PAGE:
V for veg: Vegans don’t have to cut cheese discusses what is probably the most common response I hear from people about switching to a vegan diet: “Not the cheese. I couldn’t live without cheese.” I had a similar internal debate with myself for a while before I switched from being an ovo-lacto vegetarian to a full vegan. I gave up eggs and milk easily: I’ve always been severely lactose intolerant, so I didn’t miss milk, and as for eggs, the image of chickens crammed in those tiny cages was enough to put me off. I had bought free-range eggs, thinking that they were cruelty free, until I found out that there are no standards for what constitutes “free range,” and that many chickens under these conditions are allowed to run around for only a few minutes a day, and still within small pens. Cheese was much harder to give up, as I loved it so much, even if it didn’t love me back due to my lactose intolerance. The more I read about the conditions under which most dairy cattle live, however, I simply could not continue to indulge my love of cheese at the expense of the misery of these poor cows.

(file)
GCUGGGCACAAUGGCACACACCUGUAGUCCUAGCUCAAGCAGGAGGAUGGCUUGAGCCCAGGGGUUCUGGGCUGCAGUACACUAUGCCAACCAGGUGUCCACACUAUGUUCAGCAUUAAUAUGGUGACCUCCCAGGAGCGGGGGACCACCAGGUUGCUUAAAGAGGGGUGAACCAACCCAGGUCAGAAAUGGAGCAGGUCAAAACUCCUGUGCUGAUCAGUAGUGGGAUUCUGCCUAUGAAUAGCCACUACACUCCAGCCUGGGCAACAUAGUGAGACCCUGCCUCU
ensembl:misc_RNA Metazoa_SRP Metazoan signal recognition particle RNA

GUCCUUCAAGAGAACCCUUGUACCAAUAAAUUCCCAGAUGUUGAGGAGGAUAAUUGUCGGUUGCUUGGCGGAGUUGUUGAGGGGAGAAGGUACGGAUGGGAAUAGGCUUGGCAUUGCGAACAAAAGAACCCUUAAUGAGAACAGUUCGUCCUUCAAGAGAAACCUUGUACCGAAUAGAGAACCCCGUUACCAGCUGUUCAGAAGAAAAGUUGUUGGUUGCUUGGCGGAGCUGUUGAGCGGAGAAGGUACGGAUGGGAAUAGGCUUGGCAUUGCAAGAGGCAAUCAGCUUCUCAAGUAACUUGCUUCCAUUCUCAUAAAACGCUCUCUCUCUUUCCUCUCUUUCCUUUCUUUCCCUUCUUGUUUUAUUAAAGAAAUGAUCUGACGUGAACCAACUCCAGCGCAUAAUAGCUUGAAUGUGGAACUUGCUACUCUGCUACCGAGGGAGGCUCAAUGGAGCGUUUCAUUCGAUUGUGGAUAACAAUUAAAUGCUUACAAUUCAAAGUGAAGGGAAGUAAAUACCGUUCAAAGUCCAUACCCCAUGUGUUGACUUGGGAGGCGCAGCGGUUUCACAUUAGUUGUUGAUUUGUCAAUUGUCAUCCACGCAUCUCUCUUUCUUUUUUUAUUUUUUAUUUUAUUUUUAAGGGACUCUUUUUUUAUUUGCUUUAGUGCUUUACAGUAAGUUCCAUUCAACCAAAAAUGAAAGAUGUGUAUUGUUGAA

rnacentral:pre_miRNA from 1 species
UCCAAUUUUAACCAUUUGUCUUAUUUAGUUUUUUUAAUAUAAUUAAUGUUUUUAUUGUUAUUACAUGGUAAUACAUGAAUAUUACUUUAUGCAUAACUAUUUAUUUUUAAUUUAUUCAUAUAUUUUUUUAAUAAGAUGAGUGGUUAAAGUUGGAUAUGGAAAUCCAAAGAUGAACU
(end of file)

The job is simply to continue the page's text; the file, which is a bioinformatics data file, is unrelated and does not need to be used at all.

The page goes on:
The growing variety of cheese substitutes makes it increasingly easy for people to explore a dairy-free lifestyle. The blog post above makes references to DIY cheese; I’ve used the Jo Stepaniak DIY recipes to good effect. There are so many good products on the market. My favourites are:
- wedge-style cheese
- Better than Cream Cheese
- vegan grated topping
- vegan shreds
Daiya is hands down my favourite product. I make my own grated topping, based on the Parma brand recipe (which I can’t get in Halifax), which is a combination of walnuts and nutritional yeast put through a blender. Rather than focus on whether they taste like real cheese, I prefer to appreciate the delicious flavour of these items in their own right.